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Alert Timing and Corresponding Intervention With Intraoperative Spinal Cord Monitoring for High-Risk Spinal Surgery

Yoshida, Go, MD, PhD; Ando, Muneharu, MD, PhD; Imagama, Shiro, MD, PhD; Kawabata, Shigenori, MD, PhD§; Yamada, Kei, MD, PhD; Kanchiku, Tsukasa, MD, PhD||; Fujiwara, Yasushi, MD, PhD∗∗; Tadokoro, Nobuaki, MD, PhD††; Takahashi, Masahito, MD, PhD‡‡; Wada, Kanichiro, MD, PhD§§; Yamamoto, Naoya, MD, PhD¶¶; Kobayashi, Sho, MD, PhD; Ushirozako, Hiroki, MD; Kobayashi, Kazuyoshi, MD, PhD; Yasuda, Akimasa, MD, PhD||||; Tani, Toshikazu, MD, PhD∗∗∗; Matsuyama, Yukihiro, MD, PhD

doi: 10.1097/BRS.0000000000002900
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Study Design. Prospective multicenter study.

Objective. To analyze the incidence of intraoperative spinal neuromonitoring (IONM) alerts and neurological complications, as well as to determine which interventions are most effective at preventing postoperative neurological complications following IONM alerts in high risk spinal surgeries.

Summary of Background Data. IONM may play a role in identifying and preventing neural damage; however, few studies have clarified the outcomes of intervention after IONM alerts.

Methods. We analyzed 2867 patients who underwent surgery for high risk spinal pathology using transcranial electrical motor-evoked potentials from 2010 to 2016. The high-risk spinal surgery cases consisted of 1009 spinal deformity cases, 622 cervical ossification of posterior longitudinal ligament (OPLL) cases, 249 thoracic-OPLL cases, 771 extramedullary spinal cord tumor cases, and 216 intramedullary spinal cord tumor (IMSCT) cases. We set a 70% amplitude reduction as the alarm threshold for transcranial electrical motor-evoked potentials and analyzed the outcomes of the interventions following monitoring alerts and postoperative neurological deficits.

Results. The true positive, false positive, true negative, false negative, and rescue cases of IONM comprised 126, 234, 2362, 9, and 136 cases, respectively. Most alerts and interventions occurred during correction and release in deformity cases, posterior decompression and dekyphosis in OPLL cases, and tumor resection and surgery suspension with steroid injection in spinal cord tumor cases; however, individual interventions varied. The rescue rates (number of patients rescued with intervention after IONM alert/number of true positive cases plus rescue cases) for deformity, cervical-OPLL, thoracic--OPLL, extramedullary spinal cord tumor, and IMSCT cases were 61.4% (35/57), 82.1% (32/39), 40% (20/50), 52.5% (31/59), and 31.6% (18/57), respectively.

Conclusion. Our prospective multicenter study identified potential neural damage in 9.5% of cases and 52% rescue cases using IONM. Although the rescue ratios for t-OPLL and IMSCT were relatively low, appropriate intervention immediately after an IONM alert may prevent neural damage even in high-risk spinal surgeries.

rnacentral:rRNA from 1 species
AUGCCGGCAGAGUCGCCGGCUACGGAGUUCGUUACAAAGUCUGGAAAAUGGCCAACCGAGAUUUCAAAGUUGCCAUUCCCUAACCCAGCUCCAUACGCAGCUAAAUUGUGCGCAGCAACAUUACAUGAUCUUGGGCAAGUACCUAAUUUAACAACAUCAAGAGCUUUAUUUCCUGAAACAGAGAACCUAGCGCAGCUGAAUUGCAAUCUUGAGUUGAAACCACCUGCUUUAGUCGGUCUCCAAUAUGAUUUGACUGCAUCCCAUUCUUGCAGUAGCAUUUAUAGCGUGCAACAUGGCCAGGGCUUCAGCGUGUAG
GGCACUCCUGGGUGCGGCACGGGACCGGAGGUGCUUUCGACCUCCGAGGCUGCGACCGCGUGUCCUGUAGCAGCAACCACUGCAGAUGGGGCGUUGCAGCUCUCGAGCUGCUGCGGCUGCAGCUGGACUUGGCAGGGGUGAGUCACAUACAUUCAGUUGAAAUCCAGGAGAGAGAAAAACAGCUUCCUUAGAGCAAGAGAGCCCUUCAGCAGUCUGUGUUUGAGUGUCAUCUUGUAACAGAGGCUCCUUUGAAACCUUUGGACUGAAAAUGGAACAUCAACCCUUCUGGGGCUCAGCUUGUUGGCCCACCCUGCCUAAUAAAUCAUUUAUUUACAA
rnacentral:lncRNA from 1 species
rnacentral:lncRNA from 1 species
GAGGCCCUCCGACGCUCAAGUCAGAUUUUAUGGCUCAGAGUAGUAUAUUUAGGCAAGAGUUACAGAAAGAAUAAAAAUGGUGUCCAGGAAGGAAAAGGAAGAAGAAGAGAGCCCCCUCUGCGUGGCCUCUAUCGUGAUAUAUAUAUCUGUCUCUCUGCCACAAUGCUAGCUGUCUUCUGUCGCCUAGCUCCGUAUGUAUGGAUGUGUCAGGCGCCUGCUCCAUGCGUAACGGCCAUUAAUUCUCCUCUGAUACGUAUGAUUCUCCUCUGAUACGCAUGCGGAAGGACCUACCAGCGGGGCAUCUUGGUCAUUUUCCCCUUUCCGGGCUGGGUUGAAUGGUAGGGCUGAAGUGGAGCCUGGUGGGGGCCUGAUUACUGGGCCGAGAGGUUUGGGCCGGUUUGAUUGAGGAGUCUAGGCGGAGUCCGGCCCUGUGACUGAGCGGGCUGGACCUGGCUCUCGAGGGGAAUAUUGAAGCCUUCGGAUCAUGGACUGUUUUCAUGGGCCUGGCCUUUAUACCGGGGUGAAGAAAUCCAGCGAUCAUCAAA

Level of Evidence: 3

We evaluate the incidence of transcranial motor-evoked potential (Tc-MEPs) alerts and assess the occurrence of neurological complications following interventions after the alerts. The timing of the Tc-MEP alerts varied according to the procedure and pathology; however, adequate intervention immediately after an intraoperative spinal neuromonitoring (IONM) alert can prevent neural damage even in high-risk spinal surgeries.

Hamamatsu University School of Medicine, Hamamatsu, Japan

Wakayama Rosai Hospital, Wakayama, Japan

Nagoya University, Nagoya, Japan

§Tokyo Medical and Dental University, Tokyo, Japan

Kurume University, Kurume, Japan

||Yamaguchi University, Yamaguchi, Japan

∗∗Asa Citizens Hospital, Hiroshima, Japan

††Kochi University, Kochi, Japan

‡‡Kyorin University, Tokyo, Japan

§§Hirosaki University, Hirosaki, Japan

¶¶Tokyo Women's Medical University, Tokyo, Japan

||||Murayama Medical Center, Tokyo, Japan

∗∗∗Kubokawa Hospital, Kochi, Japan.

Address correspondence and reprint requests to Go Yoshida, MD, PhD, Department of Orthopedic Surgery, Hamamatsu University School of Medicine, 1 Chome-20-1 Handayama, Hamamatsu, Shizuoka Prefecture 431-3192, Japan; E-mail: goy@k6.dion.ne.jp

Received 9 July, 2018

Revised 16 August, 2018

Accepted 10 September, 2018

The manuscript submitted does not contain information about medical device(s)/drug(s).

Federal funds from the Japanese Ministry of Health, Labor and Welfare were received in support of this work.

No relevant financial activities outside the submitted work.

Neurological complications after spinal surgery are uncommon yet unfortunate events associated with increased rates of morbidity, mortality, and increased health care costs. The rate of neurological complications was reported to be 1.0% in overall spinal surgery based on 108,419 cases from the Scoliosis Research Society database.1 However, in high-risk spinal surgeries such as for spinal deformity, spinal cord tumors, or ossification of the posterior longitudinal ligament (OPLL), neurological complications are some of the most frequent perioperative complications, with a rate of 13% to 31%.2–5